The Impresaria and Djamileh

By: George Hoover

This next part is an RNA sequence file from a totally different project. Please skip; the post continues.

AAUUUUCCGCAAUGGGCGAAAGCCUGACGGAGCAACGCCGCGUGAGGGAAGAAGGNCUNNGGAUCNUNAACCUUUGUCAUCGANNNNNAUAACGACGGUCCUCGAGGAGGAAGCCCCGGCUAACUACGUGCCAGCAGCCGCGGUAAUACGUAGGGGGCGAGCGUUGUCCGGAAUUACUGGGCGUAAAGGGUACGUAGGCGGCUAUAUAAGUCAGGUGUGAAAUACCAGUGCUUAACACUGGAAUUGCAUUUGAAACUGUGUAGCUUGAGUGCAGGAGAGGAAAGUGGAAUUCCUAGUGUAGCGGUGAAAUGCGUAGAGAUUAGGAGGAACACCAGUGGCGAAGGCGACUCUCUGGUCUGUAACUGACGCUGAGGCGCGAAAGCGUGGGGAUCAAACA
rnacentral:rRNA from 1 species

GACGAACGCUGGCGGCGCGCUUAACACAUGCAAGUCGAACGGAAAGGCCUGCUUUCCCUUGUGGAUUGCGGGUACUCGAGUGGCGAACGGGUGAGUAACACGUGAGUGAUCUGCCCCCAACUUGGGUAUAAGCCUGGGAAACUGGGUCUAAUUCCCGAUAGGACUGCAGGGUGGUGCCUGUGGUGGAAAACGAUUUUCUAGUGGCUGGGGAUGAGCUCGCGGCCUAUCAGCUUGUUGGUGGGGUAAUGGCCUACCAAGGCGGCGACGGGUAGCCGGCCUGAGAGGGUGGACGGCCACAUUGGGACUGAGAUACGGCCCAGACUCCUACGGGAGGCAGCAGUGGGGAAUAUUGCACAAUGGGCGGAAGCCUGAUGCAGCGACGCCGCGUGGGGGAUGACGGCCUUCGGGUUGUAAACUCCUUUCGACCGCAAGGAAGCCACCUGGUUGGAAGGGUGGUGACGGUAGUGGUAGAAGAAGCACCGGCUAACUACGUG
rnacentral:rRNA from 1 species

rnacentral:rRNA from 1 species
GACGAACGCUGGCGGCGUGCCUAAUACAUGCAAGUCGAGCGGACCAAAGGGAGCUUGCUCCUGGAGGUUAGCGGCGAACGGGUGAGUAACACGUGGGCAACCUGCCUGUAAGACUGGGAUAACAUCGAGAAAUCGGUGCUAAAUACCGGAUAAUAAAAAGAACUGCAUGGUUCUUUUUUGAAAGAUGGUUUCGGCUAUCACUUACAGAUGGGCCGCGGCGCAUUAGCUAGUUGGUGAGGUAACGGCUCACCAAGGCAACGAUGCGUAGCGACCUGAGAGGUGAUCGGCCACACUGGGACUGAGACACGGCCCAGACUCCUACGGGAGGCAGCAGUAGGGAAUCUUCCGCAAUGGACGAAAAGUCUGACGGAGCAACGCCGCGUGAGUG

.kljhgdtsetdrfykhuIt has been said that musical theatre and opera are the two most collaborative art forms. Actors, singers, dancers, designers, musicians, choreographers, and directors must work together in real time to create the work of art. If your passion is opera, you must find a like-minded group of individuals to collaborate with, unlike the more solitary work of a painter.  For those whose passion has not become a professional career, community theatre and opera community provide a vehicle to express their art and passion. Undercroft Opera’s mission is to “create a community for singers and orchestral musicians by offering performance experience to emerging and seasoned local artists and developing audiences through both innovative and traditional operatic productions.”  Closing out Undercroft’s 11th season with a wildly varied and unique offering of two one-act operas, The Impresaria and Djamileh, display both their commitment to the mission and the company’s versatility. The Impresario, or Der Schauspieldirektor was composed in a day as part of a contest by Wolfgang Amadeus Mozart, who is arguably the most renowned figure of late 18th-century opera. Mozart describes it as "comedy with music" and it is viewed as one of the most playful of his works.  Undercroft has updated and adapted the story and characters to the 1950s. The traditional male role of the impresario has been switched to be a woman, hence the title shift to Impresaria Set in post-war Vienna, famed soprano turned director Francesca Zeller is starting a new theatrical company. But funds are tight and her assistant Buff comes up with a tried but true solution. Get an eager actresses’ sugar daddy to finance the tour! The said actress is the not so young anymore Alura Pierce. She auditions with a long Noel Coward piece. As she finishes, an aspiring young singer arrives to wow Francesca and Buff, but she comes with way too many demands for a wannabe. This sets off a seemingly endless parade of aspiring actresses and actors all who desire a larger and larger cut of the non-existent budget pie. Finally, two sopranos arrive, duel it out with different arias that, turn into a catfight for bragging rights as to who really is the diva. Once that is “settled”, the fight over salaries breaks out again. Francesca, who cleverly demonstrates why she is The Impresaria, turns it all around and the company comes together to celebrate their art in the final song. As operas go, this interpretation of The Impresario is heavy on dialogue and light on singing. That’s too bad as the auditions involving singing are entertaining and well done as opposed to those that are just belabored readings.  No schauspieldirektor worth their salt would let those take up so much of their time in auditions. Anna Singer (formerly WQED host and recently seen in Pittsburgh Festival Operas’ Sweeny Todd) makes an excellent Impresaria and gets to show off her singing chops in the opera’s first scene. Rob Hockenberry’s and Mary Beth Sederburg’s direction can’t quite find purpose the growing masses of hopefuls on stage with little to do as the auditions wind their way to the dueling soprano’s in this “odd duck” of an opera. The singers all have strong voices, clarity is sometimes difficult to discern in the acoustically live auditorium in Seton Center. Conductor Hyery Hwang (Ball State University) has an excellent command of her musicians and brings out the beauty of Mozart’s score. The orchestra is marvelous and underutilized in this performance. The second presentation of the evening is Djamileh is an opéra comique in one act by Georges Bizet.  The opera begins at the end of the day the caliph Haroun (William Andrews) reclines and smokes a hookah in his Cairo palace, with his servant Splendiano (Zach Luchetti). The conversation turns to Haroun’s lover Djamileh (Mary Beth Sederburg), who is actually his slave girl. As is his standard practice, Haroun trades in his lover at the end of the month for a new model.  Djamileh’s month is up and therefore she must go. Splendiano confesses to Haroun that he loves her and would like to keep her for himself. Haroun says not to worry; “he is not in love with her, only with love itself.” Djamileh however loves Haroun. The slave merchant, Mervin, brings the prospective new girls in to dance for Haroun, and he chooses his new concubine. Splendiano comes up with a scheme to confirm Heroun is not in love with Djamileh. He will dress her as the new girl. If she fails to win Heroun’s heart, she will be available to Splendiano. Heroun eventually recognizes her and therefore Splendiano has lost out. Undercroft calls this is a “stylish evening of one-act operas galvanized by Diva Dynamism.” Are slave girls taken as lovers on a monthly upgrade cycle truly representative of girl power? There were some interesting glitches with the auditorium lights during the Impresaria, but the actors, singers, and musicians paid it no heed. It was distracting but not disastrous. Tonight’s evening featured excellent singers, a great conductor, and an accomplished orchestra, a tribute to the quality of opera and musical talent in the Pittsburgh area. Undercoft Opera's performances of The Impresaria and Djamileh are at the Seton Center Auditorium, 1900 Pioneer Ave in Pittsburgh on  November 17th and 18th at 7:30 pm and November 19th at 2:00 pm. For tickets visit https://www.undercroftopera.org/community/tickets/ Thanks to Undercroft for the complimentary tickets.